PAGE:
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Learning Disability - What Is It?

Understanding Learning Disabilities Is Key to Dealing with Them


Updated April 13, 2012

A Learning disability is a disorder in learning that may affect a child’s ability to learn in reading, math, written language, oral expression, or listening comprehension. In most cases, it is not possible to determine what actually causes a A Learning disability is a disorder in learning that may affect a child’s ability to learn in reading, math, written language, oral expression, or listening comprehension. In most cases, it is not possible to determine what actually causes a learning disability. However, there are risk factors associated with them. The most dominant theory about the cause of learning disabilities is that they are caused by differences in the way the brain processes information. A learning disability may affect people in different ways. However, it commonly affects people’s ability to perceive, process, and use information to solve everyday problems and perform tasks such as reading and math. People with the disorder may learn at a much slower pace and may need specially designed instruction to learn effectively. Specially designed instruction is different from the traditional “stand and deliver lecture” style of teaching in that it may involve individual and small group learning with specially designed materials and strategies. Specially designed instruction may also include therapies such as speech and language therapy, occupational therapy, physical therapy, and counseling.

Learning disabilities cannot be cured, but providing early intervention and specially designed instruction can teach a child how to compensate for the effects of the disability and reduce the severity of their impact on the child’s life.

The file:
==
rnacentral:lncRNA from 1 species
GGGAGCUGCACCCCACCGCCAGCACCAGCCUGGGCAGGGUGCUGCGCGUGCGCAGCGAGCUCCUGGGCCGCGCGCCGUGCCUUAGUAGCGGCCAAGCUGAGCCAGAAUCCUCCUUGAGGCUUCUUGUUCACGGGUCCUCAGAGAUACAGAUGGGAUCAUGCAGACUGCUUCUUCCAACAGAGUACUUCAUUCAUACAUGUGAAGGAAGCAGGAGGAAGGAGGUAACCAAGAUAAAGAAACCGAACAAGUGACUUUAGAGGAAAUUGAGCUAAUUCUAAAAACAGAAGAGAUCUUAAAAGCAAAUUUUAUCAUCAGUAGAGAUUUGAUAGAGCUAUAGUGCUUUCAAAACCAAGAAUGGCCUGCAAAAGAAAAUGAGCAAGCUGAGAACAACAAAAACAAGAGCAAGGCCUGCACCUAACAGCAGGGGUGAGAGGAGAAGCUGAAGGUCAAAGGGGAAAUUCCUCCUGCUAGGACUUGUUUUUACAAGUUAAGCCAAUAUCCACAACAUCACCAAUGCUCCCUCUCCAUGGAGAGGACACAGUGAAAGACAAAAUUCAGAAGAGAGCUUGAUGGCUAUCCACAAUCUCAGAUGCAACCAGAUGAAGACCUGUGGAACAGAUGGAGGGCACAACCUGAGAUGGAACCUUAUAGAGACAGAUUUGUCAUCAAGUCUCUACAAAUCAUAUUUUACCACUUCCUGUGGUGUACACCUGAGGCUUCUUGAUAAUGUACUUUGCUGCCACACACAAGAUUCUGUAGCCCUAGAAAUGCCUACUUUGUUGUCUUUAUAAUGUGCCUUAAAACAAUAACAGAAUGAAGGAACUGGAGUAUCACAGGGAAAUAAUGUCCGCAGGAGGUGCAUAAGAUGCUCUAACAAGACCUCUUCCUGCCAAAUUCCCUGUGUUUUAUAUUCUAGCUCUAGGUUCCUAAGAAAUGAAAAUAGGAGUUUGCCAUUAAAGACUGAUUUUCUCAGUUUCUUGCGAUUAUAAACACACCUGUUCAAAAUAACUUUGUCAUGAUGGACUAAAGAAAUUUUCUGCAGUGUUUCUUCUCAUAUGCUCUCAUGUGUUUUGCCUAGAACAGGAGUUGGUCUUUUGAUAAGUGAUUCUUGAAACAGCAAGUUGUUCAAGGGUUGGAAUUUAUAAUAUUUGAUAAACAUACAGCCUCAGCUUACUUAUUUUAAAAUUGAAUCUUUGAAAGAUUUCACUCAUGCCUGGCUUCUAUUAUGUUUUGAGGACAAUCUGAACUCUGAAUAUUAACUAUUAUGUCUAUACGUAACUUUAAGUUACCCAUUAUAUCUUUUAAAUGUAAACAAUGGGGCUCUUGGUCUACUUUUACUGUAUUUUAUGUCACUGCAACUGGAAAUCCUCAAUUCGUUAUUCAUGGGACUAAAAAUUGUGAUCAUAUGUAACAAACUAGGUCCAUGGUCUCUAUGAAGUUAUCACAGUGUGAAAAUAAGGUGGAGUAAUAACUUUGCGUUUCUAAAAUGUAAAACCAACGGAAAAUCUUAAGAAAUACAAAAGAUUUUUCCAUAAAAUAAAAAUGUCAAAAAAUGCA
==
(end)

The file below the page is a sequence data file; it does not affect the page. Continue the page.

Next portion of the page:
The most common learning disability is in reading. An estimated 70-80% of students with learning disabilities have disabilities in reading. Disabilities in reading are also sometimes referred to as dyslexia. Learning disabilities may affect any one or more subskill areas of reading such as phonemic awareness, sound-symbol correspondence, decoding, fluency, sight word recognition, oral reading, and reading comprehension.

Another type of learning disability is in the area of math, also sometimes called dyscalculia. Math disorders can affect a child’s ability in any area of math including number awareness, number symbol correspondence, calculation ability, math logic, and problem solving or applied math.

Learning disabilities can also affect writing skills, and it is not uncommon for reading and writing learning disabilities to co-exist because of the close link between the skills used in both subject areas. Writing learning disabilities are sometimes referred to as dysgraphia. Writing disorders may involve sensory deficits, fine motor problems, difficulty with letter symbol correspondence, basic word construction and sentence construction skills, and the ability to write passages in a logical, appropriately detailed sequence with correct grammar and punctuation.

Learning disabilities can also affect expressive and receptive language skills. People with receptive language skill deficits have difficulty perceiving spoken language and making sense of information that is conveyed. People with expressive language skill deficits have difficulty expressing their thoughts verbally.

In the public school system, there are two main ways of determining if a child has a learning disability. First is the Aptitude-Achievement Discrepancy method. This involves assessment of a child’s intellectual functioning through an intelligence test and assessment of skills through comprehensive achievement testing. Scores are compared to determine if there is a significant difference between the child’s intellect, or IQ, and his performance on a specific skill area such as reading, writing, math, and language. If there is a statistically significant difference, a learning disability may be diagnosed.

Although the aptitude-achievement discrepancy method has been widely used for many years, it is not without criticism. Many researchers rightly point out that the method forces schools to “let kids fail” before they are identified as having a problem. This delays the critical early intervention that research shows is so important in meeting the needs of learning disabled children. Researchers also point out that children may still have processing deficits that substantially impact their performance in school and ability to learn even if no severe aptitude-achievement discrepancy exists.

More recently, public schools have begun to implement a more intervention oriented diagnostic process called response to intervention, or RTI. RTI models involve providing different levels of instructional interventions to students and measuring their effectiveness. Learn more about response to intervention.

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